This is my code :

a = {0:'000000',1:'11111',3:'333333',4:'444444'}

for i in a:
    print i

it shows:

0
1
3
4

but I want it to show:

4
3
1
0

so, what can I do?

The order keys are iterated in is arbitrary. It was only a coincidence that they were in sorted order.

>>> a = {0:'000000',1:'11111',3:'333333',4:'444444'}
>>> a.keys()
[0, 1, 3, 4]
>>> sorted(a.keys())
[0, 1, 3, 4]
>>> reversed(sorted(a.keys()))
<listreverseiterator object at 0x02B0DB70>
>>> list(reversed(sorted(a.keys())))
[4, 3, 1, 0]

Since Python 3.7 dicts preserve order, which means you can do this now:

my_dict = {'a': 1, 'c': 3, 'b': 2}

for k in reversed(list(my_dict.keys())):
    print(k)

Output:

b
c
a

Since Python 3.8 the built-in reversed() accepts dicts as well, thus you can use:

for k in reversed(my_dict):
    print(k)

Dictionaries are unordered so you cannot reverse them. The order of the current output is arbitrary.

That said, you can order the keys of course:

for i in sorted(a.keys(), reverse=True):
    print a[i];

but this gives you the reverse order of the sorted keys, not necessarily the reverse order of the keys how they have been added. I.e. it won’t give you 1 0 3 if your dictionary was:

a = {3:'3', 0:'0', 1:'1'}

Try:

for i in sorted(a.keys(), reverse=True):
    print i

Python dict is not ordered in 2.x. But there’s an ordered dict implementation in 3.1.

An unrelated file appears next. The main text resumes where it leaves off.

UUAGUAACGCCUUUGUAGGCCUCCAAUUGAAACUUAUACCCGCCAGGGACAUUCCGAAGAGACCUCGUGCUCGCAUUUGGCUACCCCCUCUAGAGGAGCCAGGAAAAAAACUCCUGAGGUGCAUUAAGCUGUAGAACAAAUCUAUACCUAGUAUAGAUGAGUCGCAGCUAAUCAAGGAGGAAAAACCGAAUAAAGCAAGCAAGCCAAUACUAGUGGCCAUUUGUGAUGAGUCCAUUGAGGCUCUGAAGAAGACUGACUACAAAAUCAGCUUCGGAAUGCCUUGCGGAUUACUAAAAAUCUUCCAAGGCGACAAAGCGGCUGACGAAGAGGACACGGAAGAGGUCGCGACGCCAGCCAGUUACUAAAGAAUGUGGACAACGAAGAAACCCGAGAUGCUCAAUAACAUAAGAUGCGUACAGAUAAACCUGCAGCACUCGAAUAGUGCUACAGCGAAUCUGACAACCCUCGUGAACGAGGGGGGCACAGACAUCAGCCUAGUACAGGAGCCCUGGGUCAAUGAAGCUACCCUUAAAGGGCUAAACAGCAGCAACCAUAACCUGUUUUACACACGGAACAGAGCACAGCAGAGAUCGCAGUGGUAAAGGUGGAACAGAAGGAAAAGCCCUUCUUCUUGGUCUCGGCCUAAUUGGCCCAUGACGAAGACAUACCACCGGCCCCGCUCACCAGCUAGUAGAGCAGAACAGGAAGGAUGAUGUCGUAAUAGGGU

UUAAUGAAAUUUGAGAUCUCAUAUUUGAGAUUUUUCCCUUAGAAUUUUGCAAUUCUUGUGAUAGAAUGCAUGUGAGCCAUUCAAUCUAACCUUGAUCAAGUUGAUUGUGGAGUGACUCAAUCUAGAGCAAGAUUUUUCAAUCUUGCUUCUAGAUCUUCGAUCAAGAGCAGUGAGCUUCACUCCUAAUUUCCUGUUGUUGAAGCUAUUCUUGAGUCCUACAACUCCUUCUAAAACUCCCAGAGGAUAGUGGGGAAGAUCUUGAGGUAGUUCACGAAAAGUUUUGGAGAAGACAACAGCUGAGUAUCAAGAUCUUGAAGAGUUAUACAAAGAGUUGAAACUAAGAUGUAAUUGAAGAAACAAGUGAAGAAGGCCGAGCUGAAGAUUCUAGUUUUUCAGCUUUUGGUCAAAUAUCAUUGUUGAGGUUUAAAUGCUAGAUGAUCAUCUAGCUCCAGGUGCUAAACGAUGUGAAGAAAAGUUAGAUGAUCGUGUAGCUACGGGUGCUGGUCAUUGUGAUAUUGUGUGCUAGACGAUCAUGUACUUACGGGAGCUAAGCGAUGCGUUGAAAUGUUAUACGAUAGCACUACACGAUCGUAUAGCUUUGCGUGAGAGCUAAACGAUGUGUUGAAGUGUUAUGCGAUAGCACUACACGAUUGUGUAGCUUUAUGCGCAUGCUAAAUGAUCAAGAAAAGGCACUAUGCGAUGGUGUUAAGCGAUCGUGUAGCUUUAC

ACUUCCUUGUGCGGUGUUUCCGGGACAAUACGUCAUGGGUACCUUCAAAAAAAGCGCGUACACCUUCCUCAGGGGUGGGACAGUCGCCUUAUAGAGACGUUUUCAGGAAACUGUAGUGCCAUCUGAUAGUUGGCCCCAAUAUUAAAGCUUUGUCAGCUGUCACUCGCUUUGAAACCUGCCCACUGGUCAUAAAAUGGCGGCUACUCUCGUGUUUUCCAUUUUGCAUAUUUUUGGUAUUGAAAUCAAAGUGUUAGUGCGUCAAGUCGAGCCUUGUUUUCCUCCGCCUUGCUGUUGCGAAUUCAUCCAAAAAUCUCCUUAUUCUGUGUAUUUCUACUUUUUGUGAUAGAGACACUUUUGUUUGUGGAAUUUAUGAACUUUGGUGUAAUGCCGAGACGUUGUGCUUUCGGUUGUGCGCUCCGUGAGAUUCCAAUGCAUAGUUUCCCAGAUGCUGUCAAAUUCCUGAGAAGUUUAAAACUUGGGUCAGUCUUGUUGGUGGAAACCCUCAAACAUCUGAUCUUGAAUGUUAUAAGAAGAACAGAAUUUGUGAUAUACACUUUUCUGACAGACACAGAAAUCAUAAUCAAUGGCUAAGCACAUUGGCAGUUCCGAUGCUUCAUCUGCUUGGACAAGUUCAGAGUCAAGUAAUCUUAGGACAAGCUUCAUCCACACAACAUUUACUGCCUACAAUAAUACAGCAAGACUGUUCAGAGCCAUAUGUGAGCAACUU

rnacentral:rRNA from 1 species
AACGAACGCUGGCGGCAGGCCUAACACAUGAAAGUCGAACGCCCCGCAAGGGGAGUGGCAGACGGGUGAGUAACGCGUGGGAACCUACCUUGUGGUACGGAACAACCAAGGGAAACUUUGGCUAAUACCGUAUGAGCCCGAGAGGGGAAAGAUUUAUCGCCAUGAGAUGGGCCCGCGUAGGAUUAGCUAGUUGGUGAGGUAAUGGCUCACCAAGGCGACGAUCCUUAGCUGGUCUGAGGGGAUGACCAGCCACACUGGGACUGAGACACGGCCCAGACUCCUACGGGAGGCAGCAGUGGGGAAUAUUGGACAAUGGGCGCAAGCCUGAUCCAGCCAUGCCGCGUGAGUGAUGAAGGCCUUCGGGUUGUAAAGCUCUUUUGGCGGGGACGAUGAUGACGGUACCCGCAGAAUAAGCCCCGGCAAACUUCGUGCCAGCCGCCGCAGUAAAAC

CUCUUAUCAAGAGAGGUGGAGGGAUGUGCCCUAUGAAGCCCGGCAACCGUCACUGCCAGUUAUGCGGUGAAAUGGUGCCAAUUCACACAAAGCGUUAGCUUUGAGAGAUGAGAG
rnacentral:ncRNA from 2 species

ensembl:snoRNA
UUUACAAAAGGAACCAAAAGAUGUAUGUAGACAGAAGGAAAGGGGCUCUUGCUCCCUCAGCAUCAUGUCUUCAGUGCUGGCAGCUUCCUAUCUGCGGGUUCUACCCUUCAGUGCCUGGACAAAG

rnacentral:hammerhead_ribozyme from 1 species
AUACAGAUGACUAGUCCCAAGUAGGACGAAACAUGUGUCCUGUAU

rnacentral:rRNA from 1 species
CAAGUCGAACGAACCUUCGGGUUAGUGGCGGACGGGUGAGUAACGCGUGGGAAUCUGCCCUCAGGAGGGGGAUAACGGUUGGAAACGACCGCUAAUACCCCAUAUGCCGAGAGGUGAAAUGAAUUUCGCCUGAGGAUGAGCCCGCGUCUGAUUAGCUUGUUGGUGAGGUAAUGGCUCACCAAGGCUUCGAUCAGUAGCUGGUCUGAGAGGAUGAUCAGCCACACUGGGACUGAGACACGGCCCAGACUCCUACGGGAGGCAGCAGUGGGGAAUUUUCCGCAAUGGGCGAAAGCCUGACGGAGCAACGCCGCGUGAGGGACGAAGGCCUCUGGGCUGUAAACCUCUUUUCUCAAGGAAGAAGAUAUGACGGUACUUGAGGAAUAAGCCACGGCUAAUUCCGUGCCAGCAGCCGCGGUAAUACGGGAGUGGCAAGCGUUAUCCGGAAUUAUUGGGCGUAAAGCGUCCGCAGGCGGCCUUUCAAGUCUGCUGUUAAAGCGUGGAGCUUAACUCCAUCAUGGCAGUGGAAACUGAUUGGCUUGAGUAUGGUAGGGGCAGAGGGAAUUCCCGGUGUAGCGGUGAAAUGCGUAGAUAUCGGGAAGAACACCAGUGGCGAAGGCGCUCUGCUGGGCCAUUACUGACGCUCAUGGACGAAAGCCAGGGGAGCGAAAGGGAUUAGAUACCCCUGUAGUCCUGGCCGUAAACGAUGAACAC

Python dictionaries don’t have any ‘order’ associated with them. It’s merely a ‘coincidence’ that the dict is printing the same order. There are no guarantees that items in a dictionary with come out in any order.

If you want to deal with ordering you’ll need to convert the dictionary to a list.

a = list(a) # keys in list
a = a.keys() # keys in list
a = a.values() # values in list
a = a.items() # tuples of (key,value) in list

Now you can sort the list as normal, e.g., a.sort() and reverse it as well, e.g., a.reverse()

In Python 3.6, which I am using, I reversed the order of keys with their respective values with the help of function update.

original_dict={'A':0,'C':2,'B':1}
new_dict={}
for k,v in original_dict.items():
    dict_element={k:v}
    dict_element.update(new_dict)
    new_dict=dict_element

print(new_dict)

It should print out:

{'B':1,'C':2,'A':0}

My 2 ¢.

If you want to preserve the insertion order and not the alphabetical ordering, then you can use:

dict(list(your_dict.keys())[::-1])

Or for the whole dictionary:

dict(list(your_dict.items())[::-1])

for i in reversed(sorted(a.keys())):
    print i

If you have a dictionary like this

{'faisal2': 2, 'umair': 2, 'fais': 1, 'umair2': 1, 'trending': 2, 'apple': 2, 'orange': 2}

and you want to reverse sort dictionary you can use:

dict(sorted(counts.items(), key=lambda item: item[1],reverse=True))

output will be:

{'faisal2': 2, 'umair': 2, 'trending': 2, 'apple': 2, 'orange': 2, 'fais': 1, 'umair2': 1}

just try,

INPUT: a = {0:’000000′,1:’11111′,3:’333333′,4:’444444′}

[x for x in sorted(a.keys(), reverse=True)]

OUTPUT: [4, 3, 1, 0]